I am getting old and forgetful, but I don’t think I said anything here about this problem yet. If I did, apologies for the repetition – but there is something new to report!

In April, Laci Babai and I finally polished a paper which we started in 1990, and sent it off to a journal. Perhaps the headline theorem of the paper asserts:

Except for the alternating groups and finitely many others, every primitive permutation group is the full automorphism group of a uniform hypergraph.

A famous theorem of Frucht states that every (abstract) group is the full automorphism group of a graph. However, it is not true that every permutation group is the automorphism group of a graph (acting on the vertex set of the graph); for example, the only graphs preserved by a doubly transitive group are the complete and null graphs, whose full automorphism groups are the symmetric group. Our theorem describes a way of making good this lack. (A *uniform hypergraph* is like a graph, except that its “edges” have some fixed cardinality *k* which is not necessarily 2.)

A permutation group *G* of degree *n* is *set-transtive* if any two subsets of the domain of the same cardinality lie in the same orbit of *G*. Thus, if *G* is set-transitive, then any *G*-invariant hypergraph consists of all or none of the *k*-subsets, for all *k*, and its full automorphism group is the symmetric group. Thus, set-transitive groups other than symmetric groups cannot be automorphism groups of hypergraphs. These groups include the alternating groups and just four others. This problem itself has an interesting history. It was posed in the first edition of von Neumann and Morgenstern’s *Theory of Games and Economic Behaviour*, and in the second edition they report that it was solved by C. Chevalley. But as far as I know, Chevalley’s solution was never published, and the solution is usually credited to Beaumont and Petersen. The four groups are: AGL(1,5), degree 5, order 20; PGL(2,5), degree 6, order 120; PGL(2,8), degree 9, order 504; and PΓL(2,8), degree 9, order 1512.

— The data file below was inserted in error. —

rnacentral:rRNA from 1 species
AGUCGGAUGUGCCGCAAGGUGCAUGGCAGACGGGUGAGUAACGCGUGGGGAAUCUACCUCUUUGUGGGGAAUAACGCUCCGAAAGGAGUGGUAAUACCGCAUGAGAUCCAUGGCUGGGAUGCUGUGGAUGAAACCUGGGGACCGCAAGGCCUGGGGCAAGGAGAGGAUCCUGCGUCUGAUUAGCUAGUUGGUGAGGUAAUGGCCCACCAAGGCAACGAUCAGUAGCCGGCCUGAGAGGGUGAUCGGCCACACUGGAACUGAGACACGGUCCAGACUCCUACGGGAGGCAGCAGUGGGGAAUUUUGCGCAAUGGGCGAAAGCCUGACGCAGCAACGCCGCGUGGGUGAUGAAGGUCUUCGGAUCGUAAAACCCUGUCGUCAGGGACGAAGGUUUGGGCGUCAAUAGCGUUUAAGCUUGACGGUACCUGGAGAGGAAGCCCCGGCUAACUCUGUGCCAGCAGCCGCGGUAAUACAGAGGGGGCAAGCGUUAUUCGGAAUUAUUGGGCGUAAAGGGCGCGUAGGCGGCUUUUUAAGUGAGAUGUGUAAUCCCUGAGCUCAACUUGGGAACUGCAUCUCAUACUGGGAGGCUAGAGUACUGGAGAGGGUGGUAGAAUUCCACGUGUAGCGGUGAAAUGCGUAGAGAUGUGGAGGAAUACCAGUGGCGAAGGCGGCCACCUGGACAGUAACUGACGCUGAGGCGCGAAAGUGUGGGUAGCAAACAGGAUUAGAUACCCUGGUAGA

Laci Babai and I were asked this question by Misha Klin at a graph theory conference in Japan in 1990, and succeeded in solving it. We showed, further, that the automorphism group of the hypergraph could be taken to be edge-transitive, even edge-regular, in general (that is, the stabiliser of an edge is the identity), and that the cardinality of the edges could be taken to be *n*^{3/4+o(1)}. I was in favour of publishing the result, but Laci held out for an improvement of the last fact to *n*^{1/2+o(1)}. This was eventually achieved (largely by his efforts), but by then the theorem had sunk down the pile.

One of the antecedents of this theorem was one I proved with Peter Neumann and Jan Saxl in 1984: apart from the alternating groups and finitely many others, a primitive permutation group has a regular orbit on the power set of its domain. My theorem with Laci shows that in general we can take such an orbit to be the edge set of the required hypergraphs. Now in 1997, Ákos Seress published a paper in which he found all the exceptions in the Cameron–Neumann–Saxl theorem. (There are exactly 43 exceptions, the largest degree being 32.) After his untimely recent death, Laci and I decided that our paper would be a suitable tribute to him.

The new thing to report is that Pablo Spiga has now found all the exceptions in the Babai–Cameron theorem. There are 15 of them, with degrees ranging between 5 and 10, and they include (as they must) the four exceptional set-transitive groups.